View Full Version : Ignore technique

02-10-2012, 09:24 AM
I was feeling really frustrated and am sure was sounding like a broken record. "share" "please don't take that toy". So, I tried an experiment yesterday. In my head I was thinking, they know this is wrong, I'm not teaching them something new...just nagging (reinforcing) the point over and over. So, I just sat back and ignored those situations between my 2 year olds. Obviously, there were exceptions (any sort of physical violence, bullying etc.). I was amazed. I honestly assumed the bully would remain the bully and think "cool, I can just take what I want".
At first, they would just stop and look at me (hmm how come I'm not getting in trouble). As the day progressed those behaviours were more and more infrequent and I was a lot less stressed. No idea if this is the right thing to do, or if it would work long term, but it was a great day!

02-10-2012, 11:06 AM
There is certainly something to be said for kids work things out for themselves unless as you say physical harm is involved. It also helps to observe who is the bully and who lets himself be bullied just for your attention too and how often the roles change.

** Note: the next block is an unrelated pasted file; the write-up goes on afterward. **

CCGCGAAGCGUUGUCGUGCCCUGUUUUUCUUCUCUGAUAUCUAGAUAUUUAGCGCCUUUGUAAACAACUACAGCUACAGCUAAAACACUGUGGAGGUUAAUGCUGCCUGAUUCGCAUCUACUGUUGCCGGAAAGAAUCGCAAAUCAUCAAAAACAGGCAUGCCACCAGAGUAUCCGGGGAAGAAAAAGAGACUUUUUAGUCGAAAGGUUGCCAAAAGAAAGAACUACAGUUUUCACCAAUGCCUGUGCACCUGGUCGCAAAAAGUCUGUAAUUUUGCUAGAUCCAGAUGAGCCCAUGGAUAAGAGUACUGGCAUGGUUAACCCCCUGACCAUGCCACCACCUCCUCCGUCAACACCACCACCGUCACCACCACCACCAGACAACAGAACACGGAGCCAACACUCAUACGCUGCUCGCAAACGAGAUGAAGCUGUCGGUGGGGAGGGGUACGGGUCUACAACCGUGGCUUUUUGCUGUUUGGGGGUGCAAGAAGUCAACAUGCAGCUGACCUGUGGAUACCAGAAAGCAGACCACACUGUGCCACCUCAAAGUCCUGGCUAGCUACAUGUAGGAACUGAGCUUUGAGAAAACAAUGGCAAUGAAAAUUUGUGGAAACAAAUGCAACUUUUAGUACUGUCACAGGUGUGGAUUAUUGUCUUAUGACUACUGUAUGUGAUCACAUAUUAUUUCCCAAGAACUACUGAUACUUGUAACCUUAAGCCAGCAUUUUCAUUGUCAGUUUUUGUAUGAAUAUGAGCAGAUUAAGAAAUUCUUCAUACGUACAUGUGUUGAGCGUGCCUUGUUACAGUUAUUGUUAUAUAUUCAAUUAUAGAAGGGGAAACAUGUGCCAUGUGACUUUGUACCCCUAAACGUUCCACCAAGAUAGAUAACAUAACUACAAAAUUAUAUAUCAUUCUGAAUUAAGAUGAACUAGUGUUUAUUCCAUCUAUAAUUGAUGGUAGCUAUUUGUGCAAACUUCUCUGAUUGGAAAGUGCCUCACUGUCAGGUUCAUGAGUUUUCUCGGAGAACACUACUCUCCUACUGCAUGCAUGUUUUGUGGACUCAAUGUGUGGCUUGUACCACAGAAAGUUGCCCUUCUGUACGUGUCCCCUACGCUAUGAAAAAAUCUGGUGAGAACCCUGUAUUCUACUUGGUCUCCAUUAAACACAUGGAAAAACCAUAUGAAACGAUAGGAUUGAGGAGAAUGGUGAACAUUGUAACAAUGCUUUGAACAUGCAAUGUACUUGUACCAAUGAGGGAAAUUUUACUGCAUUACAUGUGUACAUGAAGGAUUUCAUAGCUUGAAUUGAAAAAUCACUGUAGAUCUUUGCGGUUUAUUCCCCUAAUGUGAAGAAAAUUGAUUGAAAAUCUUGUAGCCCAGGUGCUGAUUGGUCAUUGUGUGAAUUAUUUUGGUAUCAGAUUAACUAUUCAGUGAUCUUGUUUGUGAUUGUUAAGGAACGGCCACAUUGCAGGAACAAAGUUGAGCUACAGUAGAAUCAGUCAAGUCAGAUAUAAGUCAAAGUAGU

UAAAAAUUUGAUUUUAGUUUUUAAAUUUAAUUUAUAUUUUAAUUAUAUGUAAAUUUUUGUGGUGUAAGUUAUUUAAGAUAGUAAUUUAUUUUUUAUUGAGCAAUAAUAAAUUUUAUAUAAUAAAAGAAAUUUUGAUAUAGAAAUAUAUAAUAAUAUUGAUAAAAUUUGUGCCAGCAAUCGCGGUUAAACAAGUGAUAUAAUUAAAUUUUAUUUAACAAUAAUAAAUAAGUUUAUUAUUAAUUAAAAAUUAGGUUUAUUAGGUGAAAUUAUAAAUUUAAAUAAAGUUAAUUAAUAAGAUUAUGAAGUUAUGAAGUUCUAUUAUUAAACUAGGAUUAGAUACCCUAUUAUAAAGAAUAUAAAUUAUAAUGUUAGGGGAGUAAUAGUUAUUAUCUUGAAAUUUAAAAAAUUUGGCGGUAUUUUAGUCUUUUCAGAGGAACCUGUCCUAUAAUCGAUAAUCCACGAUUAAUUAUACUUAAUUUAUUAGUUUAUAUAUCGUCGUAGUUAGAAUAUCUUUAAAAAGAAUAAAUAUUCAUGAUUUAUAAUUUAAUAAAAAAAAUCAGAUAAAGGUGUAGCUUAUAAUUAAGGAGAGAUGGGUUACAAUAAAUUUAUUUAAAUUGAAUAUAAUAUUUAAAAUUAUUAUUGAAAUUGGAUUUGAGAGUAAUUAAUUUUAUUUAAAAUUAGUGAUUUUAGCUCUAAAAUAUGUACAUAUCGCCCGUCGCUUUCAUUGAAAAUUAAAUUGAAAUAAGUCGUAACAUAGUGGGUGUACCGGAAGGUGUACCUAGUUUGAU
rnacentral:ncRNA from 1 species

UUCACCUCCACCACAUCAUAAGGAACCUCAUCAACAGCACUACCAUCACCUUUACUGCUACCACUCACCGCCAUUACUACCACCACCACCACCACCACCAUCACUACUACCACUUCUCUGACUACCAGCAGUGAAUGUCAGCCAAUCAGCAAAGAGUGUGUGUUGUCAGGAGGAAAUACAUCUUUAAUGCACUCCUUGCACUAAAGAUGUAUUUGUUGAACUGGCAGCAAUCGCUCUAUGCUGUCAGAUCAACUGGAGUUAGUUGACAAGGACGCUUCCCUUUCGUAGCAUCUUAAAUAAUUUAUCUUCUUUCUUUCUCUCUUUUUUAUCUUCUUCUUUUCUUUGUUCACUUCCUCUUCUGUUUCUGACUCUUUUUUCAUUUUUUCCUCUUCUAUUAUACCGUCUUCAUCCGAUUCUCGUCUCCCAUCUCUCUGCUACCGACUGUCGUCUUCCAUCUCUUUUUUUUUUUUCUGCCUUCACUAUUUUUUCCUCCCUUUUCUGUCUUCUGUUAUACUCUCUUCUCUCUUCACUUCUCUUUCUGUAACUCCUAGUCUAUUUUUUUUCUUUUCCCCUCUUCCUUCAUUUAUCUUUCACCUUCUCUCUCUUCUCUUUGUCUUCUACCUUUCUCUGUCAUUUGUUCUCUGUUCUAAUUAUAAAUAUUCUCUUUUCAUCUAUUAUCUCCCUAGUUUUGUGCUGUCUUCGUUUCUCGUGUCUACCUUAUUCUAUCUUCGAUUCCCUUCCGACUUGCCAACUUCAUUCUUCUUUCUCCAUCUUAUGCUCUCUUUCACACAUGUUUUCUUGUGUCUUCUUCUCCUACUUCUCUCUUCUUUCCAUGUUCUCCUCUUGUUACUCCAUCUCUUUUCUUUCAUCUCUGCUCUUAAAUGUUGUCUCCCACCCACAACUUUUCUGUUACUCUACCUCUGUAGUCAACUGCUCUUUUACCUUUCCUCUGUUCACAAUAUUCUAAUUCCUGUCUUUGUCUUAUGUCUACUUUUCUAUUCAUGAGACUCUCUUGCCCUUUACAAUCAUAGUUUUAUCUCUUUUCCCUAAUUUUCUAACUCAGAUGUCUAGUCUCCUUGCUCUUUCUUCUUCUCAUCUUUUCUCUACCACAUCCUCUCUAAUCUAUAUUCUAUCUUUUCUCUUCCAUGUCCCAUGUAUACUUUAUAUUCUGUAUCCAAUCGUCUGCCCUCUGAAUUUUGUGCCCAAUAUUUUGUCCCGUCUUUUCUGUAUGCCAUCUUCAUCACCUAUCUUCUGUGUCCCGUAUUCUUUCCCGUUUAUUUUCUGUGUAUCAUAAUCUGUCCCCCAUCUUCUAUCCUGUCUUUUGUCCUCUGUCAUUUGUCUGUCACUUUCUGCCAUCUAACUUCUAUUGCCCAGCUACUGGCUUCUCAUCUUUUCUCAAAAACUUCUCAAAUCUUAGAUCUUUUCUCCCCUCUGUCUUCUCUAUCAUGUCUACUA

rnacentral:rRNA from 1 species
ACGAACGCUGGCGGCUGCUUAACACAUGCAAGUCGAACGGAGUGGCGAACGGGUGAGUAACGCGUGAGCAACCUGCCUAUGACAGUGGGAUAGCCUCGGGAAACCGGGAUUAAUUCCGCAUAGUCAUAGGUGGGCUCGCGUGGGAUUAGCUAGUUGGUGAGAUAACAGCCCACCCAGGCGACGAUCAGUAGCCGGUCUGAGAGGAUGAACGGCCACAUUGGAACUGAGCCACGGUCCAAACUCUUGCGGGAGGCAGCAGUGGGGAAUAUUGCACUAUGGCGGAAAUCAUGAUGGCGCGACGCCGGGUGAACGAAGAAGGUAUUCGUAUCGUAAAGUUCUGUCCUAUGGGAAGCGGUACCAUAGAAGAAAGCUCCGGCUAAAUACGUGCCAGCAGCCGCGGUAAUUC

We also have to remember that not all play rules are for all ages and expecting sharing, taking turns, not hurting another child's feelings, understanding what it means to say sorry or chewing with our mouths closed are not always appropriate expectations and we have to turn a blind eye for a few months/years till it is.

02-10-2012, 11:26 AM
It does work! I have a 15 months old cutie who has a habit of pulling her hair. I used to say "it will hurt you if you pull your hair" and gentle removed her hand from her head. She did carry on and I stopped asking her. Now she hardly pulls her hair. I also told her parents to ignore the "bad" behaviour and praise the good ones. No treat tho. Just clapping hands would do. Kids are easy to please huh :)

02-11-2012, 02:51 AM
It can be hard to step back and let kids work it out themselves. I actually started doing this with my own kids a while ago. I can be bit of a control freak, and I hate the sound of them bickering... but they need to learn to figure things out, right? And discover some natural consequences (ie; if I behave like a jerk, nobody will want to play?).